Mentions: The subjects who participated in the study are members of a Saudi Arabia based Indian family (Figure 1). Prior to commencement of the clinical and molecular investigations, informed consent was signed by the legal guardians, the parents, on behalf of the affected children and they agreed to publish the study outcomes. Ethical approval (ref. no. 24-14), according to the Declaration of Helsinki, was obtained from the Institutional Review Board (IRB), Princess Al-Jawhara Albrahim Center of Excellence in Research of Hereditary Disorders and the Unit of Biomedical Ethics Research Committee, Faculty of Medicine, King Abdulaziz University, Jeddah, Saudi Arabia. Peripheral or venous blood from six unaffected (III-1, III-2, III-3, III-4, IV-4, IV-5) and four affected (IV-1, IV-3, IV-7, IV-8) individuals was collected in EDTA tubes and stored at 4°C. Genomic DNA was extracted using QIAamp® mini DNA extraction kit (Qiagen, USA). The DNA was quantified by Nanodrop-2000 (Thermo Scientific, USA) spectrophotometer.Figure 1

Bottom Line: Hereditary spastic paraplegias (HSP), a group of genetically heterogeneous neurological disorders with more than 56 documented loci (SPG1-56), are described either as uncomplicated (or pure), or complicated where in addition to spasticity and weakness of lower extremeties, additional neurological symptoms are present, including dementia, loss of vision, epilepsy, mental retardation and ichthyosis.Exome sequencing identified a homozygous stop gain mutation (pR287X) in the phospholipase A1 gene DDHD2, in the affected individuals, resulting in a premature stop codon and a severely truncated protein lacking the SAM and DDHD domains crucial for phosphoinositide binding and phospholipase activity.This mutation adds to the knowledge of HSP, suggests a possible founder effect for the pR287X mutation, and adds to the list of genes involved in lipid metabolism with a role in HSP and other neurodegenerative disorders.

View Article: PubMed Central - PubMed

Affiliation: Princess Al-Jawhara Albrahim Center of Excellence in Research of Hereditary Disorders, King Abdulaziz University, Jeddah, 80205, Kingdom of Saudi Arabia. nuharayes@gmail.com.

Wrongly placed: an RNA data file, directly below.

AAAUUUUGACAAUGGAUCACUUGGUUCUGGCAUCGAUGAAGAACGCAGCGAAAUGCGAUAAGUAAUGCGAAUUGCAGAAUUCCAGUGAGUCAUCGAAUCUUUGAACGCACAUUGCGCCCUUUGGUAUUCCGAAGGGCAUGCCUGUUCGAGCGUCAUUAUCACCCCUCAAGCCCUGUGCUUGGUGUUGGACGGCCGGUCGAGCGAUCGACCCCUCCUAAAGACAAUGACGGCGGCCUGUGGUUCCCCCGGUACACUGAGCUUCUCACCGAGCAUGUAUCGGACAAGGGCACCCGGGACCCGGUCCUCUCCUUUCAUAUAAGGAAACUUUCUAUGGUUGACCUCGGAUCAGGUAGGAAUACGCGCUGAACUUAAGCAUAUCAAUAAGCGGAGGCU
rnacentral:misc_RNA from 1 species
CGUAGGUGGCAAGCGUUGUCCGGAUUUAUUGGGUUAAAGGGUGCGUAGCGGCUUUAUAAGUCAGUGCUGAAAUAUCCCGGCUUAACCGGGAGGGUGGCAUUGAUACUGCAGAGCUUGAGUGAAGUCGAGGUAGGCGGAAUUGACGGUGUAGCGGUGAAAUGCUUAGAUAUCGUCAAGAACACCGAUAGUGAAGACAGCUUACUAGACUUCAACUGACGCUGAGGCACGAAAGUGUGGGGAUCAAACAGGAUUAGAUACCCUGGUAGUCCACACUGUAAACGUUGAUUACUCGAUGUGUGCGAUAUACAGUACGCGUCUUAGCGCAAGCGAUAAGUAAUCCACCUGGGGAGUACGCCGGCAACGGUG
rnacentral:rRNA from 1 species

ABSTRACT

Background: Hereditary spastic paraplegias (HSP), a group of genetically heterogeneous neurological disorders with more than 56 documented loci (SPG1-56), are described either as uncomplicated (or pure), or complicated where in addition to spasticity and weakness of lower extremeties, additional neurological symptoms are present, including dementia, loss of vision, epilepsy, mental retardation and ichthyosis. We identified a large consanguineous family of Indian descent with four affected members with childhood onset HSP (SPG54), presenting with upper and lower limb spasticity, mental retardation and agenesis of the corpus callosum.

Results: A common region of homozygosity on chromosome 8 spanning seven megabases (Mb) was identified in the affected individuals using the Illumina human cytoSNP-12 DNA Analysis BeadChip Kit. Exome sequencing identified a homozygous stop gain mutation (pR287X) in the phospholipase A1 gene DDHD2, in the affected individuals, resulting in a premature stop codon and a severely truncated protein lacking the SAM and DDHD domains crucial for phosphoinositide binding and phospholipase activity.

Conclusion: This mutation adds to the knowledge of HSP, suggests a possible founder effect for the pR287X mutation, and adds to the list of genes involved in lipid metabolism with a role in HSP and other neurodegenerative disorders.

No MeSH data available.


Related in: MedlinePlus